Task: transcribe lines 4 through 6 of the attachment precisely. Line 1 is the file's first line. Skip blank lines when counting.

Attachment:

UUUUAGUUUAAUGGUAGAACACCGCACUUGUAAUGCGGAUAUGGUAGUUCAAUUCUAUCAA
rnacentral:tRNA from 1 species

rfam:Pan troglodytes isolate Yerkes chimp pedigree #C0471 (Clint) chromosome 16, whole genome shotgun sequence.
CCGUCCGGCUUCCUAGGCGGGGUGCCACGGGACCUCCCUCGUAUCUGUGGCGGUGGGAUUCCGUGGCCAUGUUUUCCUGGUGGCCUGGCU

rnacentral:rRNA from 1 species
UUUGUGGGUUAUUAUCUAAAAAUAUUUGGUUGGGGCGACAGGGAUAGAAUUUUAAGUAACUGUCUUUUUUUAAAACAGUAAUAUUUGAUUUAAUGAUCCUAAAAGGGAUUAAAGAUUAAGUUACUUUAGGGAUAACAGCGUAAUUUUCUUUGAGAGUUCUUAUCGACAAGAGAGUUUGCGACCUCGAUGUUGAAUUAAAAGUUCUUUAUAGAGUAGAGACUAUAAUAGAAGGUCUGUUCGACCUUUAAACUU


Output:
CCGUCCGGCUUCCUAGGCGGGGUGCCACGGGACCUCCCUCGUAUCUGUGGCGGUGGGAUUCCGUGGCCAUGUUUUCCUGGUGGCCUGGCU

rnacentral:rRNA from 1 species
UUUGUGGGUUAUUAUCUAAAAAUAUUUGGUUGGGGCGACAGGGAUAGAAUUUUAAGUAACUGUCUUUUUUUAAAACAGUAAUAUUUGAUUUAAUGAUCCUAAAAGGGAUUAAAGAUUAAGUUACUUUAGGGAUAACAGCGUAAUUUUCUUUGAGAGUUCUUAUCGACAAGAGAGUUUGCGACCUCGAUGUUGAAUUAAAAGUUCUUUAUAGAGUAGAGACUAUAAUAGAAGGUCUGUUCGACCUUUAAACUU